Temperature:59.0 °FPressure:29.92 in Hg
Humidity:0 %Altitude:0.0 ft
Vital Zone Radius:5.0 in
Std. Atmosphere at Altitude:NoPressure is Corrected:Yes
Zero at Max. Point Blank Range:NoTarget Relative Drops:Yes
Mark Sound Barrier Crossing:NoInclude Extra Rows:No
Column 1 Units:1.00 inColumn 2 Units:1.00 MOA
Round Output to Whole Numbers:No
Output Data
Elevation:8.926 MOAWindage:0.000 MOA
Atmospheric Density:0.07647 lb/ft³Speed of Sound:1116.4 ft/s
Maximum PBR:275 mMaximum PBR Zero:234 m
Range of Maximum Height:130 mEnergy at Maximum PBR:1155.8 J
Sectional Density:0.205 lb/in²
Calculated Table
10/11/13 18:24, JBM/jbmtraj-5.1.cgi

We can see the top chart refers to 5.56mm M855 from a 16" barrel, and the bottom to 6.8 SPC from the same length barrel firing 110 gr Hornady BTHP bullets. Higher velocities have been achieved by 6.8 SPC from this barrel length, but not - to my knowledge - with factory ammunition.

6.8 SPC does offer 56% more energy at half a kilometer than 5.56mm (not three or four times as much energy, as I've heard it claimed more than once), but what is that per kilogram? M855 weighs about 12 grams and provides about 34 kilojoules of energy at 500m per kilogram of ammunition carried. 6.8 SPC weighs about 17 grams with a 110 grain bullet, and provides about 37 kilojoules of energy at 500m per kilogram, ten percent more than M855. Is a 25% worse trajectory, increased bolt stress, lower reliability, fewer rounds per magazine, and the introduction of an entirely new cartridge worth a 10% increase in energy per kilogram at half a kilometer? Keep in mind that, due to its large case, good sectional density, and fairly high velocity, the 6.8 SPC is one of the best performers in this category of ammunition.

The third category contains cartridges that either have never been made or are not what they are advertised to be. Examples include the 6mm Optimum, Mr. Williams' 6.5/8/800, and the 6.5 Grendel. Only one of these actually exists - the 6.5 Grendel. To many, the existence of the Grendel proves the GPC concept's viability, but a closer examination shows that is not the case. There are numerous problems with the 6.5 Grendel, first and foremost being its unsuitability for military applications. Beyond (valid) concerns about the cartridge's extreme shoulder angle and lack of case taper, the case itself does not have enough internal volume to accept tracer or steel-cored armor piercing projectiles, except with the lightest bullets. Thus, it cannot fulfill the role of a GPC, as it is not a suitable military cartridge. Further, the 6.5 Grendel provides low levels of performance with factory loads, only achieving its much-touted velocity and trajectory with delicately loaded handloads using very slow-burning and often compressed powders. For field purposes, it is a 7.62x39 with better bullet selection.

Enter the 6.5/8/800, the hypothetical "ideal" general-purpose cartridge proposed by Mr. Williams in his opus. Is this cartridge feasible, and if so, does it offer enough of an advantage to ISAF/NATO members to warrant its adoption and the retirement of both the 7.62 and 5.56 calibers? Mr. Williams' has only provided us with with visual mockups of his cartridges via his website, so the only way to find out is to design the cartridge for him. As per his requirements, the cartridge will be 6.5mm caliber, have an 8 gram bullet, and produce a muzzle velocity of 800 meters per second from a 20" barrel.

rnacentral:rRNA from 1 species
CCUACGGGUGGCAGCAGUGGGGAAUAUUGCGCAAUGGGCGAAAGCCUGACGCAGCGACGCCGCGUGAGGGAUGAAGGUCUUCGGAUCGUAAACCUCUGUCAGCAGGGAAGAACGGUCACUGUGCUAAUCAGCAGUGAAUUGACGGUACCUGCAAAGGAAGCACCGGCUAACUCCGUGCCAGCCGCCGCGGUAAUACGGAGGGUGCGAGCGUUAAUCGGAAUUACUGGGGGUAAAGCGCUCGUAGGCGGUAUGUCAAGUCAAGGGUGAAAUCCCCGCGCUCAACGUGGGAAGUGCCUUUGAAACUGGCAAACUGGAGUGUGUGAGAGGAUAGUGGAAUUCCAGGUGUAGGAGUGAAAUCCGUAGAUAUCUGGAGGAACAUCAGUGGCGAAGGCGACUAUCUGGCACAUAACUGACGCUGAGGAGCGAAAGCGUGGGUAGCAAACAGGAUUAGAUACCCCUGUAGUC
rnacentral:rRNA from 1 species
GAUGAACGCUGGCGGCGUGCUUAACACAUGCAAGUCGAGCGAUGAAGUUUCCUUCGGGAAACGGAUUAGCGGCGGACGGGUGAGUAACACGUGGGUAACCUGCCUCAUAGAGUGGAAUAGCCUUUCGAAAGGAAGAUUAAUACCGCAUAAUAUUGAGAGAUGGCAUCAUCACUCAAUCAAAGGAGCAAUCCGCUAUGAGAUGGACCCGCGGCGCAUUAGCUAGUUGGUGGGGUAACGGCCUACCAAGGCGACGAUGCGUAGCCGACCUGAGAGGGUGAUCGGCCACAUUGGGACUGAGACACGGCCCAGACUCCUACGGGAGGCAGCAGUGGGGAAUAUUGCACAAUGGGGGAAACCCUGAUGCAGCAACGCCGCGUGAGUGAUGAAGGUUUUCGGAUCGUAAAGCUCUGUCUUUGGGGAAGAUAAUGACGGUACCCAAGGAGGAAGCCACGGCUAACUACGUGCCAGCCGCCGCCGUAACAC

Using a combination of CAD modelling and this online Powley Computer, I created a virtual cartridge that met these specifications, so that we can see if it might be a suitable replacement for 5.56mm and 7.62mm.

The first hurdle to jump was the design of the bullet. Mr. Williams specifies that the bullet should be based on the 7N6 projectile of the Russian 5.45x39 cartridge, which would meet both the good form-factor and lead free requirements. However, simply scaling that projectile up yields a bullet weight of only 5.9 grams (less if it is constructed without any lead at all, as the 7N6 incorporates a lead sleeve and plug), far short of the 8 gram requirement. In the end, I designed my own lead-cored bullet, based on the 7N6, to meet the weight requirement, which came to an overall length of 33.5 millimeters, or 1.32 inches for the imperial-unit Powley Computer. One could also use the existing 123 grain Lapua Scenar and get much the same results, since that projectile is 1.295 inches (32.9mm) long. One final note on projectiles: Because of its heavy, high form factor bullets, the GPC already devotes much of its internal and external volume to accommodating the projectile, which, even lead-cored, is already 13% longer than M80 ball's projectile. The lead-free armor-piercing and tracer projectiles necessitated by the cartridge's military application will only aggravate this problem, and may result in the cartridge's weight spiraling significantly to maintain performance. While Mr. Williams does acknowledge this problem, he does not make any attempt to address it.